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Tuesday, November 17, 2009

Author'sTips: Reading has helped me improve my writing--Mona Risk.

Reading has helped me improve my writing as much as the many workshops and seminars I attended. Armed with a pencil, I used to check the paragraphs or scenes I particularly liked, or mark with an X those that annoyed me. An X meant, "Bad. Bad. To avoid." In a way, a lousy book helped me polish my craft as thoroughly as a good one. I saw firsthand examples of the pitfalls that could turn off a reader or an editor from a story. Of course, I am talking about published books, so even if I didn't like a scene, there was obviously an editor who didn't mind it. The more I wrote manuscripts, the more I read and analyzed books. I became a compulsive critique and reviewer. .

Honing the craft to write my own books have transformed me into a difficult-to- please reader. Now, more than ever, I like a well-written book with a strong voice, fast pace, grabbing emotion, and unforgettable characters I can identify with or root for. But then, isn't that what editors look for in a wannabe author? So my tastes are not unusually difficult to satisfy, right?

Yet I see many successful writers do things that can pull a reader out of a story: Wrong use of a foreign language; sagging middles where the scenes stagnate; slow pace; introduction of new characters in the last chapters to help the resolution. I will comment on two of them.

1- Use of foreign words adds pizzazz when used correctly. I enjoy reading a foreign word here and there because it enhances a character's voice or conveys the right mood. I often use foreign words in my own books as my heroes are always foreigners while my heroines are American.

I peppered FRENCH PERIL with French words, but then I am fluent in French, and know what I am doing. For TO LOVE A HERO, a story set in Belarus, I asked my son's Russian in- laws to write for me the Russian translation of the few words I wanted to use. In BABIES IN THE BARGAIN, my hero is Puerto Rican, I can mumble a few words of Spanish but I am certainly not able to write correctly. When I asked for help from a neighbor, she said that her Argentinean Spanish wouldn't be correct for a Puerto Rican. In Florida, I have enough Latino friends who were able to give me the correct word and spelling.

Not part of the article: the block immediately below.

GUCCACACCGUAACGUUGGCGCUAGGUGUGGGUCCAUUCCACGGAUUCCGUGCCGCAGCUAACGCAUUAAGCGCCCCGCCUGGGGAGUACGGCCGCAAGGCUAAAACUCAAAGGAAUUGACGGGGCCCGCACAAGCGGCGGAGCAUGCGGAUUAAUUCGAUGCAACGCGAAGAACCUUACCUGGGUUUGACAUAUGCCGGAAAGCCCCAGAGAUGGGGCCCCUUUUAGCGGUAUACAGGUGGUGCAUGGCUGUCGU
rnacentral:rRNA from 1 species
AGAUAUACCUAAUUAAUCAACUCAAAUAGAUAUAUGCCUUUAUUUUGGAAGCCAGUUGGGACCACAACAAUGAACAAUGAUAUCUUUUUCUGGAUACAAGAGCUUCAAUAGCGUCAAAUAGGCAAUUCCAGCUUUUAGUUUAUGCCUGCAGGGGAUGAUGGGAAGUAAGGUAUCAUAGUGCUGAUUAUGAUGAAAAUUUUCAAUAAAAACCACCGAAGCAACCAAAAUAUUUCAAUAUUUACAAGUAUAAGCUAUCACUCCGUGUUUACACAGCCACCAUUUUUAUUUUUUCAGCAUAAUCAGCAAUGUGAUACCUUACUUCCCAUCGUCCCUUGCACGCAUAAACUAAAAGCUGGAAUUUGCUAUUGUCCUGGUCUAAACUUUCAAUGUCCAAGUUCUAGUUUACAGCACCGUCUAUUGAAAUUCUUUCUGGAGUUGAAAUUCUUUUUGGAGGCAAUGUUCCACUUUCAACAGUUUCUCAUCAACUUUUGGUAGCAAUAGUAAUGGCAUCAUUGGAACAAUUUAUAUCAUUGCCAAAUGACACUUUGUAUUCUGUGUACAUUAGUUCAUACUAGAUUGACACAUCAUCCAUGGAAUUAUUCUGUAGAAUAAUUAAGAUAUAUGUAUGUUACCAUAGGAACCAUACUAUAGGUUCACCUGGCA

While I was reading an emotional scene from a bestselling author, I came across a sentence that sounded like Haitian Creole rather than Parisian French, and burst out laughing. Of course my hilarity took me out of the wonderful moment. Why didn't that author check her words? The same thing happened as I was reading a romantic suspense and later a historical. The French words destroyed the mood. If you are going to use foreign words, please check with someone who can give you the correct meaning and right spelling.

2- Slow pace: I recently attended a whole day workshop with Mary Buckham, a wonderful instructor, if not the best. She explained why a slow pace can kill a book. Fifty years ago, with no television or computer to distract them, women had plenty of time to read narrative with beautiful descriptions and enjoyed emotional introspections. They read Hemingway and delighted in his wonderful but lengthy descriptions.

By contrast, today's women are continuously on the go, juggling the duties of their jobs with the responsibilities of motherhood. They read whenever they can afford a minute to sit and relax, in the doctor's waiting room, on the plane and at the airport, on the treadmill,…Career women and busy mothers can't afford to waste time. They want to get to the plot and emotional development as soon as possible before rushing back to their business or children. They want to be entertained quickly in the few minutes they can spare to read your book. Don't waste their time with useless descriptions. Give them a few details that ground them in the setting and move on.

Mona Risk writes romantic suspense for Cerridwen Press, TO LOVE A HERO and FRENCH PERIL, and medical romance for The Wild Rose Press, BABIES IN THE BARGAIN and Rx FOR TRUST.

Rx FOR TRUST will be released on December 4, 2009. All her books are available at

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